New Yorker writer Owen lays out a simple plan to address our environmental crisis—live smaller, live closer, and drive less. He presents a convincing argument that the antiurbanism of American environmental thought is flawed [Stewart Brand makes the same point in his Whole Earth Discipline, see above—Ed.]. The built-in efficiencies of urban life create and preserve open spaces, whereas suburban sprawl contributes to energy inefficiency and further environmental degradation. Just as Thomas L. Friedman in Hot, Flat, and Crowded discussed the role of oil in American life and our need to redefine America's vision, Owen asserts that every discussion about the environment is, in the end, about oil and that reducing environmental destruction means redefining our view of prosperity. He effectively connects the dots among oil, cars, public transportation, ethanol, rising food prices, and the role of plastic in modern life. VERDICT Owen's engaging, accessible book challenges the idea of green and urban living. Recommended for readers interested in urban planning or environmental issues. [See Prepub Alert, LJ 6/1/09.]—Robin K. Dillow, Oakton Community Coll., Des Plaines, IL
Kirkus Reviews
Want to reduce your carbon footprint and save the planet? Move to Manhattan. New Yorker staff writer Owen (Sheetrock & Shellac: A Thinking Person's Guide to the Art and Science of Home Improvement, 2006, etc.) seeks earnestly to overturn the traditional wisdom that says the only way to show your love for Mother Earth is to move to the country, make candles and go locavore. "New York," he writes, "is the greenest community in the United States." This may seem counterintuitive, but consider: Most urbanites live in small spaces rather than the McMansions of suburbia, if only because they cannot afford anything larger, and most walk to the grocery store, take mass transit and get enough exercise to avoid becoming slugs (mere consumers, that is). Conversely, a back-to-the-lander may live virtuously, but taking a Volvo rather than Birkenstocks to the store undoes many good intentions. Owen assembles useful facts, some of them sure to be surprises even for the most learned of NYC boosters. Still, he recognizes that were it not for the accident of crowded island life, Manhattan and environs could just as easily be Los Angeles. "When cities are built on a ‘human' scale," he writes, "they virtually force the creation of vast suburbs, with miles of freeways, long commutes, traffic jams, and shopping malls." Occasionally the author inflates the significance of the facts to support his thesis. After all, it comes down to the hows as well as the wheres-a vegetarian living in the country, for instance, no matter how car-happy, will use fewer resources than a meat eater in the city. Owen works the city-versus-countryside theme into the ground-ruralites may feel a little picked-on-but the author does animportant service in pointing out that those who live in cities can be just as green as your garden-variety organic farmer-and even more so. He's no McPhee or Pollan, but Owen provides a dogged, contrarian argument that scores some good points.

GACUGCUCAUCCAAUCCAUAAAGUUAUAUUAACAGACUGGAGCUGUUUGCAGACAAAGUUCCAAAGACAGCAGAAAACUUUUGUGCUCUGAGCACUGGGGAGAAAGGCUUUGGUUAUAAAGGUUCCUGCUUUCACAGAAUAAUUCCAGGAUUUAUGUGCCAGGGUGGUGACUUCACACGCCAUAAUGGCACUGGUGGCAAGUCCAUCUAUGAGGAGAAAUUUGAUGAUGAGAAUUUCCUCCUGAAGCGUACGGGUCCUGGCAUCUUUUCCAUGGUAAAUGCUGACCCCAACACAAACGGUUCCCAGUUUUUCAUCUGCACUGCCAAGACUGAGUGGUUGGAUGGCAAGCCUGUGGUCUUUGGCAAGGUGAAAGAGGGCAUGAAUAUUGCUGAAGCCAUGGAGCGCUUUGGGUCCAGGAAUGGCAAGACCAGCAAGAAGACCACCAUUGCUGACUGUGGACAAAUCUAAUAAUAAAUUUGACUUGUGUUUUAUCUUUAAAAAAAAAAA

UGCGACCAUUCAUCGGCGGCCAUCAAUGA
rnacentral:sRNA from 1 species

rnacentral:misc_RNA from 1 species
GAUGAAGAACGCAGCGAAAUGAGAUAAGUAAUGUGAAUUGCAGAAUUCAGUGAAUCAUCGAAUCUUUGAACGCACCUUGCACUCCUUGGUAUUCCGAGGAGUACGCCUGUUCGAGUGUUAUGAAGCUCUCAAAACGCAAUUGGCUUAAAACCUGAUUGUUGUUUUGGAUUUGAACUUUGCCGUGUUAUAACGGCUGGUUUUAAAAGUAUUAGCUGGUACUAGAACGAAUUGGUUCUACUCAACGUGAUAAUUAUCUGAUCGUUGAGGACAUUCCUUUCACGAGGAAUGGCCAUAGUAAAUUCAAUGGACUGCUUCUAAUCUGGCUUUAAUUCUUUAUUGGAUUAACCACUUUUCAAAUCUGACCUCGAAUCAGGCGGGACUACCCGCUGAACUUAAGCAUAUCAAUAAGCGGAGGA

From the Publisher
"Owen's cool, understated and witty; it does not appear to be in his nature to be alarmist. But this is a thoroughly alarming book." —-The Washington Post
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Product Details

  • ISBN-13: 9781400113712
  • Publisher: Tantor Media, Inc.
  • Publication date: 11/23/2009
  • Format: CD
  • Edition description: Unabridged CD
  • Product dimensions: 6.46 (w) x 5.46 (h) x 1.14 (d)

Meet the Author

David Owen is a staff writer for the New Yorker and the author of a dozen books, including The Man Who Invented Saturday Morning: And Other Adventures in American Enterprise.

An AudioFile Earphones Award winner and Audie Award finalist, Patrick Lawlor is also an accomplished stage actor.